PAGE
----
n South African Medical Journal - Paediatric dental chair sedation : an audit of current practice in Gauteng, South Africa : research




Procedural sedation and analgesia (PSA) is often required to perform dental procedures in children. Serious adverse outcomes, while rare, are usually preventable.

To determine the proportion of dental practitioners making use of paediatric dental chair PSA in Gauteng Province, South Africa, describe their PSA practice, and determine compliance with recommended safety standards.
A prospective, contextual, descriptive study design was used, with 222 randomly selected dental practitioners contacted to determine whether they offered paediatric dental chair PSA. Practitioners offering PSA were then asked to complete a web-based questionnaire assessing their practice.
Of the 213 dental practitioners contacted, 94 (44.1%; 95% confidence interval 37 - 51) provided PSA to children. Most patients were 1 - 5 years old, although there were practices that offered PSA to infants. While most procedures were performed under minimal to moderate sedation, deep sedation and general anaesthesia were also administered in dental rooms. Midazolam was the most frequently used sedative agent, often in conjunction with inhaled nitrous oxide; 28.1% of PSA providers administered a combination of three or more agents. Presedation patient assessment was documented in 83.0% of cases, and informed consent for sedation was obtained in 75.6%. The survey raised several areas of concern regarding patient safety: 41.3% of dental practices did not use any monitoring equipment during sedation; the operator was responsible for the sedation and monitoring of the patient in 41.3%; 43.2% did not keep any recommended emergency drugs; and 19.6% did not have any emergency or resuscitation equipment available. Most respondents (81.8%) indicated an interest in sedation training.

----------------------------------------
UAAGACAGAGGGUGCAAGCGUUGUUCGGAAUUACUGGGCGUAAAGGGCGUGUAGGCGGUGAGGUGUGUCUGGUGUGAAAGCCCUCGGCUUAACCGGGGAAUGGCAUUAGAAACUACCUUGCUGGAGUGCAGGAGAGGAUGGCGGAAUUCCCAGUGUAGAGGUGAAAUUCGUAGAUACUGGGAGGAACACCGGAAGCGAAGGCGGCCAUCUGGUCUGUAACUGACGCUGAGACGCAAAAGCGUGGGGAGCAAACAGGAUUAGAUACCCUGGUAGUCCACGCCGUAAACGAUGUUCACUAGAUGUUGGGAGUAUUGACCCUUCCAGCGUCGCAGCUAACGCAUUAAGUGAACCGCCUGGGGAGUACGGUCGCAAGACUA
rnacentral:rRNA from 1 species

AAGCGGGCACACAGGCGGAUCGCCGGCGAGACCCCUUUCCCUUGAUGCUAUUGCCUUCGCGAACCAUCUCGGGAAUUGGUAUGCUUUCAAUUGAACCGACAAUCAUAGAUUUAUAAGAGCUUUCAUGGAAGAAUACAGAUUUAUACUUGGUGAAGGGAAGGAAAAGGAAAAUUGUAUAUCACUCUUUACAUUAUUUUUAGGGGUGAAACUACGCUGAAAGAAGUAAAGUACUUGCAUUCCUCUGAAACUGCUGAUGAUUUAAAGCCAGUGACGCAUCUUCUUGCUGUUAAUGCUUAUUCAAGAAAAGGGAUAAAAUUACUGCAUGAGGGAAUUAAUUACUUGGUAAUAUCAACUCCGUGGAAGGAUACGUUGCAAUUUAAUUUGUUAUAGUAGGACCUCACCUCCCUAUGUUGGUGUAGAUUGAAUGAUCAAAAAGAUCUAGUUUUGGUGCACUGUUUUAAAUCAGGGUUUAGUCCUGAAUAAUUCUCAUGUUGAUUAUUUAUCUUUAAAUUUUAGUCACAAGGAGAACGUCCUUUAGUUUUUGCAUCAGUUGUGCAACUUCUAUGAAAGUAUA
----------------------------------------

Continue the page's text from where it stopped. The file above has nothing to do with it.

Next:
Paediatric dental chair PSA was offered by 44.1% of dental practitioners interviewed in Gauteng. Modalities of PSA provided varied between practices, with a number of safety concerns being raised.


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